Globally, over 80% of confirmed breaches are related to stolen, weak, or reused passwords. Indeed, the importance of strong password practice cannot be undermined as we celebrate International Fraud Awareness Week especially because we live in a digital era where for every traditional method of doing things, there is a faster and more effective method of doing this digitally. For instance, you can now store your physical photo albums on the cloud; instead of sending letters, you can send an email; bank transfers, card payments, and other fast-growing payment technologies are rapidly replacing the physical exchange of cash.

The speed and ease of doing all of this digitally also comes with the responsibility of ensuring your banking details, funds, and other personal information are kept secure. Passwords are necessary to protect your information and funds stored digitally, just as a beautiful big house needs a gate to prevent unauthorized entry. As you may be aware, a gate is only useful with a good lock and proper storage of keys. Similarly, having a password is insufficient to keep bad actors out.  So, how can you make your passwords strong and useful enough?  

What is a Password?

A password is a set of secret characters (texts, numbers, and special characters) for verifying access to and securing a digital system. In this case, a digital system can be your email, bank account, merchant dashboard, or cloud storage.

Best Password Practices

Passwords are the key to everything we do on the internet, and the importance of having a good password can not be overemphasized. Setting a hard-to-guess password might seem challenging, but doing so can keep bad actors from having unauthorized access to your money or using your personal information to commit fraud. 

To make your digital life more secure by having good and strong passwords, here are the top five password practices you need to know and use in your daily interactions with online systems: 

  1. Set Complex Passwords: Complex passwords refer to passwords that mix numbers, uppercase letters, lowercase letters, and special characters (i.e., @,<,),#). These passwords are harder to guess than simple passwords. For instance, “Bre@d&tOa$t” is harder to guess than “breadandtoast.” Let’s paint a clearer picture. Why do you think it’s usually hard to replicate or figure out granny’s special recipe? Simply because there are so many ingredients and steps involved. So, think of your passwords as a digital recipe; make it unique and harder to figure out.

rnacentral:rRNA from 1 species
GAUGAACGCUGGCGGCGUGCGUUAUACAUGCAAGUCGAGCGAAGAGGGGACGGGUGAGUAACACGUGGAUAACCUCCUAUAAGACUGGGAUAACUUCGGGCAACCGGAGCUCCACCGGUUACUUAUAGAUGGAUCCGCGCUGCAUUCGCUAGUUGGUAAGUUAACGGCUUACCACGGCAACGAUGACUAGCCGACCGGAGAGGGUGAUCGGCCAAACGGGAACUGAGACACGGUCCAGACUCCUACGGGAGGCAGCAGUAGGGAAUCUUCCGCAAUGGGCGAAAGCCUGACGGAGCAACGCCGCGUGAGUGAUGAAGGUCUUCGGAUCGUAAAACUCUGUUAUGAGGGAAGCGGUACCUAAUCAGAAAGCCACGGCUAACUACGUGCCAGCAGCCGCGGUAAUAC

1. The Longer The Safer: Research by Hive Systems shows that longer passwords are significantly harder to crack and compromise than shorter ones. A lengthier password is harder to guess and compromise, even with the most advanced methods or tools that bad actors might try to explore.  So, how long should your password be?  As a rule of thumb, once your password is a dozen letters long, you are great because passwords over 12 characters are more secure than ones with fewer characters.
  1. Never Use Personal Information As Passwords: Do not use information like your birthday, phone number, or full name as your password. This is quite straightforward. In this age of technology, when your personal information is sometimes easily accessible online via different sources, including your social media profiles, steering clear of your personal details when creating passwords is a smart move.  
  1. Do Not Repeat Passwords: Can you still remember that beautiful big house we mentioned earlier? Now, imagine that big beautiful house, its gate, the cars inside the house, the house doors, kitchen cabinets, and wardrobes in the rooms all have and use the same key. Dangerous?  Yes. This is similar to using one password for all your accounts. A breach in one implies an automatic breach across all your accounts. This might be a far reach, but using different passwords for different accounts gives you a second level of security. 
  1. Never Share Your Password: Still in the beautiful big house, the same way you would never give your keys to a stranger, guard your password with the same importance. This is because sharing your passwords, even with friends and relatives, sometimes leads to unintended and avoidable security breaches. Anyone asking for your password online is most likely trying to defraud you; watch out! 

Be Smart, Be Safe, Be Aware.

Happy International Fraud Awareness Week!

Written by Temitope Bamidele with contribution from the Fraud Team at Flutterwave.

Published by Temitope Bamidele

Risk and Anti-Fraud